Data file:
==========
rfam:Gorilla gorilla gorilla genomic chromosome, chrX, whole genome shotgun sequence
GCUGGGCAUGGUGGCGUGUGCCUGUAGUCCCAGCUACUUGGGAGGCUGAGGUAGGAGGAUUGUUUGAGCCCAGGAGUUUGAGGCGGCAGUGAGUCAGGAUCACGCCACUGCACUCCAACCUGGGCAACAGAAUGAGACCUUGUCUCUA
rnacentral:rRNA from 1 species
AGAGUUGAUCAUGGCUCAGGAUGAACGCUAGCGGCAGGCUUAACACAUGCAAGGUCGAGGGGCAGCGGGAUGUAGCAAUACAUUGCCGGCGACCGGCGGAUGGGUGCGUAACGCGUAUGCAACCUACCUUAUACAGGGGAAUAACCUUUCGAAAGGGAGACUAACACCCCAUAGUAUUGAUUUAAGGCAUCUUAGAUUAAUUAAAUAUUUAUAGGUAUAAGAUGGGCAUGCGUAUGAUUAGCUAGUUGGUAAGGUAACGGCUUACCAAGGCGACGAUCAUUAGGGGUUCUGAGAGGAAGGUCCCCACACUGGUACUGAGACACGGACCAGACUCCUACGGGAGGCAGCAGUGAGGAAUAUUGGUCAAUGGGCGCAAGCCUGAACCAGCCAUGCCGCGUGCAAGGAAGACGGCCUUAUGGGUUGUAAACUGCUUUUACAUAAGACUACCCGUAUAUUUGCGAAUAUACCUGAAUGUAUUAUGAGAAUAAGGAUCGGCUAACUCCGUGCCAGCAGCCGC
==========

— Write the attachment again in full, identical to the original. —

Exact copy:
rfam:Gorilla gorilla gorilla genomic chromosome, chrX, whole genome shotgun sequence
GCUGGGCAUGGUGGCGUGUGCCUGUAGUCCCAGCUACUUGGGAGGCUGAGGUAGGAGGAUUGUUUGAGCCCAGGAGUUUGAGGCGGCAGUGAGUCAGGAUCACGCCACUGCACUCCAACCUGGGCAACAGAAUGAGACCUUGUCUCUA
rnacentral:rRNA from 1 species
AGAGUUGAUCAUGGCUCAGGAUGAACGCUAGCGGCAGGCUUAACACAUGCAAGGUCGAGGGGCAGCGGGAUGUAGCAAUACAUUGCCGGCGACCGGCGGAUGGGUGCGUAACGCGUAUGCAACCUACCUUAUACAGGGGAAUAACCUUUCGAAAGGGAGACUAACACCCCAUAGUAUUGAUUUAAGGCAUCUUAGAUUAAUUAAAUAUUUAUAGGUAUAAGAUGGGCAUGCGUAUGAUUAGCUAGUUGGUAAGGUAACGGCUUACCAAGGCGACGAUCAUUAGGGGUUCUGAGAGGAAGGUCCCCACACUGGUACUGAGACACGGACCAGACUCCUACGGGAGGCAGCAGUGAGGAAUAUUGGUCAAUGGGCGCAAGCCUGAACCAGCCAUGCCGCGUGCAAGGAAGACGGCCUUAUGGGUUGUAAACUGCUUUUACAUAAGACUACCCGUAUAUUUGCGAAUAUACCUGAAUGUAUUAUGAGAAUAAGGAUCGGCUAACUCCGUGCCAGCAGCCGC